Mrs. Jacobs : The Slavery Of African Americans Essay

Mrs. Jacobs : The Slavery Of African Americans Essay

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Inspired by her hardships and tribulations during slavery, Mrs. Jacobs wrote this autobiography, recounting her experiences as a slave in the deep south and her eventual escape in the hopes of “[convincing] the people of the Free States [of] what Slavery really is” (Jacobs 6). In this inspiring novel, Mrs. Jacobs gives us authentic insight into this ‘peculiar institution’, the horrendous mistreatment of African Americans, and the attitudes of Northerners and Southerners toward the subject. While the work is mainly directed to Northern women in the hopes of increasing awareness and arousing sympathy, it sends a clear message to everyone, during her time and even today, about the intricate institution and Harriet’s stance on the matter.

Slaves during the antebellum period were treated fairly poorly, especially in the Deep South. To varying extents, depending on their master(s), culture, and environs, slaves were physically and verbally abused on a daily basis. Slaves were often beaten and whipped for any ‘offences’ the master(s) felt they needed to punish; and some were even to death. Additionally, slave women (and girls) were often sexually abused by their masters, bearing countless mulatto children fathered by their masters; and despite this fact, many slaveholders kept these children, their own blood, slaves. As they were largely considered and treated as property, large numbers were constantly separated and sold at auctions. Slaves’ chances of being freed were slim to none, allowing the vicious cycle of slavery to continue in the south. Besides being released by a gracious master’s will, their only hope of being free was to either run away or save up enough money to buy themselves and their loved ones. In spite of this, even ...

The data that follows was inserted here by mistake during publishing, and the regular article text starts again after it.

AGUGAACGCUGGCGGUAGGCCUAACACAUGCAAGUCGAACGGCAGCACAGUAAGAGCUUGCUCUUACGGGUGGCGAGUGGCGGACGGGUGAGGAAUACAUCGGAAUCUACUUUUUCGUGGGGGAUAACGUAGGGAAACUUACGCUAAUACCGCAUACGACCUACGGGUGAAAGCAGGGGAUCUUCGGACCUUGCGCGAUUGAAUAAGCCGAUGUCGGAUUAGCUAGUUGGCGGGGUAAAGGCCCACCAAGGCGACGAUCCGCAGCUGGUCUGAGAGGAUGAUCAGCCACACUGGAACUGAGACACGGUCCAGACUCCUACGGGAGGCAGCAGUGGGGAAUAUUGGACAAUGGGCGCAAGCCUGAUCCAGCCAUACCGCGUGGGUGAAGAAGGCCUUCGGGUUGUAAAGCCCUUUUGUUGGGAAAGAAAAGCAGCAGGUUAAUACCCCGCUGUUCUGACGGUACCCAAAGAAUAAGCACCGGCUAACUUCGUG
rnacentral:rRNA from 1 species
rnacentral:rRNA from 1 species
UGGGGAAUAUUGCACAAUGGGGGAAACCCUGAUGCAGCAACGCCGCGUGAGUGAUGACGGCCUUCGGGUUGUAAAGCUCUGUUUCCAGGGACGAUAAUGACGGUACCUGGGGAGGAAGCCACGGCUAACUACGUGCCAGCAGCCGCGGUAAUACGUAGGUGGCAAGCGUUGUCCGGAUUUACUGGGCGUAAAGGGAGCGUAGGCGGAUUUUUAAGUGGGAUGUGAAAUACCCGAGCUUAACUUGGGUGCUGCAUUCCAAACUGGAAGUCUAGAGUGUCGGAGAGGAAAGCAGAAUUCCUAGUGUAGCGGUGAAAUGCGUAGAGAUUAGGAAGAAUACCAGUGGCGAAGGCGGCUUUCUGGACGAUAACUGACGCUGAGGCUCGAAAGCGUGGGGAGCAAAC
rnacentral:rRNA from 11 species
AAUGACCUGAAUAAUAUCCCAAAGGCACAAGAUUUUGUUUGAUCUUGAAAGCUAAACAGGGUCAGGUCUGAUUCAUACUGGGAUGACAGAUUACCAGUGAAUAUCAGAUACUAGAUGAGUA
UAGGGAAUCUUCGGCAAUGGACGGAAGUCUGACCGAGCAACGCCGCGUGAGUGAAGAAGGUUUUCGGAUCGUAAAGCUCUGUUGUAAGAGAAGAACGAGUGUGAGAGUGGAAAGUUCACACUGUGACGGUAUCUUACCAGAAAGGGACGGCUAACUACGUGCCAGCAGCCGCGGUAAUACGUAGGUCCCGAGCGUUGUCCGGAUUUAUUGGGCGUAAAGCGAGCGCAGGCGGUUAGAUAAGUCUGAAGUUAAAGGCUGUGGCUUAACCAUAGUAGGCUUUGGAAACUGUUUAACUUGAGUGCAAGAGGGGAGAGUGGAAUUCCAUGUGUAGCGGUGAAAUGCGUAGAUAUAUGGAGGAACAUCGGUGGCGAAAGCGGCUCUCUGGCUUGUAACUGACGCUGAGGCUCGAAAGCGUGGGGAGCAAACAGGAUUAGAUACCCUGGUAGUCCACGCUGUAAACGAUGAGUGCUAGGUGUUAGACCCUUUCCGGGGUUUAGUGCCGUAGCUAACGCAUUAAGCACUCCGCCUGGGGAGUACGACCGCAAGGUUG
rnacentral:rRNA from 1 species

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...wer struggle between state and federal rights, the varying interpretations of the 10th amendment, and the ‘Slave Power’ conspiracy taking hold in the North. The North only fought against the institution to secure the common white man’s standing, believing that slavery would otherwise spread shaping the whole country into the South. The Union’s battles weren’t fought for the sake of racial equality; nay, they were fought, at least for the vast majority, to ensure America would remain a ‘white man’s land.’

In conclusion, while the work is clearly biased and fairly one-sided (all to be expected from a former slave), it does provide insight into slavery and the thoughts and attitudes towards the institution during that time. Finding an account from a former slave, much less a female, during that time was extremely rare, giving the reader a new perspective on the matter.

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